That committee is one of three leading the investigation, and its members are allowed into the closed-door hearings.

Politicians described a chaotic scene.

Democrat Debbie Wasserman Schultz said she had just walked into the room when the Republicans barged past Capitol police officers and Democratic staffers. The staff member who was checking identification at the entrance was “basically overcome” by the Republicans, she said.

“Literally some of them were just screaming about the president and what we’re doing to him and that we have nothing and just all things that were supportive of the president,” Ms Wasserman Schultz said.

Later, when the deposition began, Ms Cooper answered questions in response to a subpoena, an official working on the impeachment inquiry said.

She explained the process of distributing military aid and was asked whether the appropriate steps were followed on Ukraine, according to a person familiar with the interview.

“The president’s allies in Congress are trying to make it even more difficult for these witnesses to co-operate,” said Adam Schiff, chairman of the House Intelligence Committee.

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House Intelligence Committee chairman Adam Schiff (Patrick Semansky/AP)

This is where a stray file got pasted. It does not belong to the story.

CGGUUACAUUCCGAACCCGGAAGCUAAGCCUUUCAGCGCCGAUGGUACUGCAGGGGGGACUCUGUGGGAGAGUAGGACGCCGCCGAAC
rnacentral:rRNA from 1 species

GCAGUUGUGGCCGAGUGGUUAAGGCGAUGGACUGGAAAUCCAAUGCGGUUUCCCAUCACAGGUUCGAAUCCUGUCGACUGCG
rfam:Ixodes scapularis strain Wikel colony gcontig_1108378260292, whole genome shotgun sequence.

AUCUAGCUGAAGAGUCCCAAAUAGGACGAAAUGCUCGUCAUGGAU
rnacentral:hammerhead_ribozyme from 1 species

Democrats deny that Republicans are being treated unfairly, noting that they have had equal time to question witnesses and full access to the meetings.

Mr Schiff said closed-door hearings are necessary to prevent witnesses from concealing the truth and has promised to release transcripts when it will not affect the investigation.

Democrats also said the Republicans – several of whom do not sit on one of the three committees – compromised security at Wednesday’s closed-door deposition.

The interviews are being held in what is called a Sensitive Compartmented Information Facility, or SCIF, which is a secure room where members can hear classified information.

Several politicians leaving the facility said some of the Republicans took their mobile phones, even though electronics are not allowed.